Wise, a fintech, is now offering its U.S. customers 4.13% interest as well as FDIC deposit insurance. Meanwhile, the native yield on USDC stablecoins is still at 0%. Nor is USDC insured.
If Wise can offer interest and insurance to customers, why can't Circle (the issuer of USDC) do the same?
Wise and Circle are alike in a legal sense. Neither is a bank. Both are licensed as money transmitters. So why can one money transmitter offer a valuable set of services, but the other seemingly can't?
To be more accurate, it's not Wise itself that is offering these services. Wise is neither a bank nor a money market fund, so I'm pretty sure it is legally prevented from paying interest. And since it's not a bank, it can't be a member of FDIC. Rather, it is Wise's own bank, JP Morgan Chase, that is offering these services to Wise customers. Wise simply passes on the interest along with the insurance coverage.
So if Wise is just a feeder for JP Morgan, connecting its customer base to the bank, why can't Circle perform the same feeder role with its own bank, BNY Mellon, and USDC users?
I suspect one factor preventing this is the pseudonymity of stablecoins. There are many users of USDC, but Circle has only collected ID from a small fraction of them. A big chunk of USDC's pseudonymous user base is comprised of financial machines, or smart contracts, for which the concept of identification is meaningless. As for individuals or businesses who hold USDC, they may not be willing to, or can't, pass through a traditional verification process. Banks, however, have very strict onboarding rules. They must collect the ID of every single customer.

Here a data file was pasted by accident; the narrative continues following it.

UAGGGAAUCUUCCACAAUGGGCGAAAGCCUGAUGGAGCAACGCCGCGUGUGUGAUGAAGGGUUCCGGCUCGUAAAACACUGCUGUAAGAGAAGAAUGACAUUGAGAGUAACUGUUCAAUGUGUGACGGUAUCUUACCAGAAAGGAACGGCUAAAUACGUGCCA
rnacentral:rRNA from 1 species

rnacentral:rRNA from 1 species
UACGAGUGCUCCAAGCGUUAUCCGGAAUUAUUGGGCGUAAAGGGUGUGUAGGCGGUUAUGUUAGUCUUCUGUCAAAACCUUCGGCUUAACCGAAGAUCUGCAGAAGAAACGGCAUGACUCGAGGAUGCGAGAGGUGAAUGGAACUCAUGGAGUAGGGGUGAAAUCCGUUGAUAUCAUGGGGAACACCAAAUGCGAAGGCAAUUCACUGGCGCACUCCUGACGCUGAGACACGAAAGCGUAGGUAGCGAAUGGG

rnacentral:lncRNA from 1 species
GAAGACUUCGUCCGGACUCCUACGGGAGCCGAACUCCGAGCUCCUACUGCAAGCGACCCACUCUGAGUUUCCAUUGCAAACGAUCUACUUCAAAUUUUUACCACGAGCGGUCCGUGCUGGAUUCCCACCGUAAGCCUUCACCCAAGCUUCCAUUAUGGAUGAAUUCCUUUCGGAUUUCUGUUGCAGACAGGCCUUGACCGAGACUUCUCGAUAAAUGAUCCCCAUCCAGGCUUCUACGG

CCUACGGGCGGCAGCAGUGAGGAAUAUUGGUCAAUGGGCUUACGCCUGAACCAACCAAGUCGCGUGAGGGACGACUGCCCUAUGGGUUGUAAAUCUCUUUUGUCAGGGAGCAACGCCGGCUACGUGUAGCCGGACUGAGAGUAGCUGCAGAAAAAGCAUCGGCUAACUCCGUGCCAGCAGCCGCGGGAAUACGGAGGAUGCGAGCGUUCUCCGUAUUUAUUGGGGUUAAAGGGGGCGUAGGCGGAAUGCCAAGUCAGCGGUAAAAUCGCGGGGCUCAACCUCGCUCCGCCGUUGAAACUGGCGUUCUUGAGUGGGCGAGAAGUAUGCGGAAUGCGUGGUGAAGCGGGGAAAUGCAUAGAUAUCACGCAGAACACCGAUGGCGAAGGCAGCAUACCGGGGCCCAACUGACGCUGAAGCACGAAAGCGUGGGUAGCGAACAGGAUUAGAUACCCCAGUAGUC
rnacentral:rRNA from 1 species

In short, it's probably quite tricky for Circle to feed USDC's mostly pseudonymous user base into an underlying bank in order to garner interest and insurance, at least much harder than it is for Wise to feed its base of known users into a bank.
It's possible that some USDC users might be willing to give up their ID in order to receive the interest and protection from Circle's bank. But that would interfere with the usefulness of USDC. One reason why USDC is popular is because it can be plugged into various pseudonymous financial machines (like Uniswap or Curve). If a user chooses to collect interest from an underlying bank, that means giving up the ability to put their USDC into these machines.
This may represent a permanent stablecoin tradeoff. Users of stablecoins such as USDC can get either native interest or no-ID services from financial machines, but they can't get both no-ID services and interest.
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